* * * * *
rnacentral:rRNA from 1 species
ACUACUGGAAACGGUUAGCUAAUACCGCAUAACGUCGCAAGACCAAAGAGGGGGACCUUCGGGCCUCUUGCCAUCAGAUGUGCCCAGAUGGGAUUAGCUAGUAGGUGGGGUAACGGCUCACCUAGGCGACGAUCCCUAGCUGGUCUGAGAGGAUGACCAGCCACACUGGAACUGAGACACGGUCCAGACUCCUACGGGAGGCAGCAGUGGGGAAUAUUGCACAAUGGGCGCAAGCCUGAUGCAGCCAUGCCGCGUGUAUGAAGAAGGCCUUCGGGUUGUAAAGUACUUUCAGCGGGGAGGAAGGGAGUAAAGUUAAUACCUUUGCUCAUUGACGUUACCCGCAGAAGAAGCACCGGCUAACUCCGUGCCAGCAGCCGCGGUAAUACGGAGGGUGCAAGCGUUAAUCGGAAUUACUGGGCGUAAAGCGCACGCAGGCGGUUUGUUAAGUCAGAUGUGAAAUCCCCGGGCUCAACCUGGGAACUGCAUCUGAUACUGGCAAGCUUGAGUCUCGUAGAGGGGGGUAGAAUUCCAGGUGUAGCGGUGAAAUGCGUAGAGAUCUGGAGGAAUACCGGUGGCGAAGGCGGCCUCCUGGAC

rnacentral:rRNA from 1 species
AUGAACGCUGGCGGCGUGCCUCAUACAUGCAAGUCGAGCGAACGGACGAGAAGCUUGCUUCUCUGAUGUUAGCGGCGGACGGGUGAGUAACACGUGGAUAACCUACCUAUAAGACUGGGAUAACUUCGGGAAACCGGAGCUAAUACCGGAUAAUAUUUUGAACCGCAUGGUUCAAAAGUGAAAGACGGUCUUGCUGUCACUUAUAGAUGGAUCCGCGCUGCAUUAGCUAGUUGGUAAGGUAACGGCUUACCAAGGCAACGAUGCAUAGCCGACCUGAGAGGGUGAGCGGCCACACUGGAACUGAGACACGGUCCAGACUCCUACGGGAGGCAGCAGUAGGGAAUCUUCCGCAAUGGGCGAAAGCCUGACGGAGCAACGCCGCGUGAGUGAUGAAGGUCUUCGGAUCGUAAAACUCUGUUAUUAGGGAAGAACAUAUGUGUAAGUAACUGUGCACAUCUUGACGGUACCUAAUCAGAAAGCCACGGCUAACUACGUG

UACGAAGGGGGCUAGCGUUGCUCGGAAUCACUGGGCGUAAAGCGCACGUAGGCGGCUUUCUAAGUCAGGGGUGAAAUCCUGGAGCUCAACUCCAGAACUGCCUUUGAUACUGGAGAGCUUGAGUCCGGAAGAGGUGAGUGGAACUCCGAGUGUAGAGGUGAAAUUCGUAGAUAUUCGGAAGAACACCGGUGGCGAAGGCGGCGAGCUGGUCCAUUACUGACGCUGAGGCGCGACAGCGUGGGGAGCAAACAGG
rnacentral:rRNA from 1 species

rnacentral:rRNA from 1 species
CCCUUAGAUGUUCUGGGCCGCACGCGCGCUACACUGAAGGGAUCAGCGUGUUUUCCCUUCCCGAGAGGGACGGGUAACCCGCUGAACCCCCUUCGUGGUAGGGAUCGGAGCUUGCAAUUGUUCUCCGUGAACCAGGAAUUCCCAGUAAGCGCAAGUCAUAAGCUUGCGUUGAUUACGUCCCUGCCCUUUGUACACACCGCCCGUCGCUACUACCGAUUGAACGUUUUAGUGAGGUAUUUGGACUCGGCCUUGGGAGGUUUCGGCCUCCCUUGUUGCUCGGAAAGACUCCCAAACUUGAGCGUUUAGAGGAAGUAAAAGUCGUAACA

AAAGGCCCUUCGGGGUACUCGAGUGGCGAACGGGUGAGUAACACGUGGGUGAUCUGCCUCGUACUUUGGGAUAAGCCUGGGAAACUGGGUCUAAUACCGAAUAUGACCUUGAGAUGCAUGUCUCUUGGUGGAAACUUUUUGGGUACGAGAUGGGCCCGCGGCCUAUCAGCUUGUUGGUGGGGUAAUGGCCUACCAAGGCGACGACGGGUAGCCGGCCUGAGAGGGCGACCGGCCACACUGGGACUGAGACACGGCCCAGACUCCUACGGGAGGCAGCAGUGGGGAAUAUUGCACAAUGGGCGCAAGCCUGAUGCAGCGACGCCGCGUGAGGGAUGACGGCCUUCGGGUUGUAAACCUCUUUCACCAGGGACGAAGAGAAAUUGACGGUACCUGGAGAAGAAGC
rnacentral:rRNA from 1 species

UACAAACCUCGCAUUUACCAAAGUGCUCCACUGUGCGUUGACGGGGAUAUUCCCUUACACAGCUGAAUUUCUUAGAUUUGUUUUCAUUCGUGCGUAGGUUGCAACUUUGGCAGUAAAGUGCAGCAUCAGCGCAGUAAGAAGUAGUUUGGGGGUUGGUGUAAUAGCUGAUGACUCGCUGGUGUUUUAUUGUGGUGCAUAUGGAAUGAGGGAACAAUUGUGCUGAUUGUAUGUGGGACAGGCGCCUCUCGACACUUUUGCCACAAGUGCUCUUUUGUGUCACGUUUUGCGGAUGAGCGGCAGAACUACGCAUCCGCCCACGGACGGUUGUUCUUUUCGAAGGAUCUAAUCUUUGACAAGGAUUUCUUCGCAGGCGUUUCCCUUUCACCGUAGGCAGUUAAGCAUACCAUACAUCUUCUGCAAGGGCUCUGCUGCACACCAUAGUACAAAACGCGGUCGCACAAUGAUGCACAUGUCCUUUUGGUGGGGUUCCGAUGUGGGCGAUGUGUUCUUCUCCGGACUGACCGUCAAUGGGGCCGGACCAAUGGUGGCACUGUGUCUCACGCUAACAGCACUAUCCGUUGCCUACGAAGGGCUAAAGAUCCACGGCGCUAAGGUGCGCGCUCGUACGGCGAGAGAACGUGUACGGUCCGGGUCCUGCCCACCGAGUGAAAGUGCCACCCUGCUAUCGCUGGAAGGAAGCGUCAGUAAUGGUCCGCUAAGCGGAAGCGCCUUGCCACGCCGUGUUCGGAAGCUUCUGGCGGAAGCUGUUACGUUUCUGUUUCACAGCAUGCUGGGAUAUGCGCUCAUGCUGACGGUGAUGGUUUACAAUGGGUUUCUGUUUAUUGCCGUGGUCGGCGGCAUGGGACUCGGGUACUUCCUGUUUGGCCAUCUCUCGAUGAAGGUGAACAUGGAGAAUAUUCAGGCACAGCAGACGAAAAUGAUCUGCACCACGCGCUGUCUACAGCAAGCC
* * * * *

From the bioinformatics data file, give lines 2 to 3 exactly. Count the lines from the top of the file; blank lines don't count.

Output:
ACUACUGGAAACGGUUAGCUAAUACCGCAUAACGUCGCAAGACCAAAGAGGGGGACCUUCGGGCCUCUUGCCAUCAGAUGUGCCCAGAUGGGAUUAGCUAGUAGGUGGGGUAACGGCUCACCUAGGCGACGAUCCCUAGCUGGUCUGAGAGGAUGACCAGCCACACUGGAACUGAGACACGGUCCAGACUCCUACGGGAGGCAGCAGUGGGGAAUAUUGCACAAUGGGCGCAAGCCUGAUGCAGCCAUGCCGCGUGUAUGAAGAAGGCCUUCGGGUUGUAAAGUACUUUCAGCGGGGAGGAAGGGAGUAAAGUUAAUACCUUUGCUCAUUGACGUUACCCGCAGAAGAAGCACCGGCUAACUCCGUGCCAGCAGCCGCGGUAAUACGGAGGGUGCAAGCGUUAAUCGGAAUUACUGGGCGUAAAGCGCACGCAGGCGGUUUGUUAAGUCAGAUGUGAAAUCCCCGGGCUCAACCUGGGAACUGCAUCUGAUACUGGCAAGCUUGAGUCUCGUAGAGGGGGGUAGAAUUCCAGGUGUAGCGGUGAAAUGCGUAGAGAUCUGGAGGAAUACCGGUGGCGAAGGCGGCCUCCUGGAC

rnacentral:rRNA from 1 species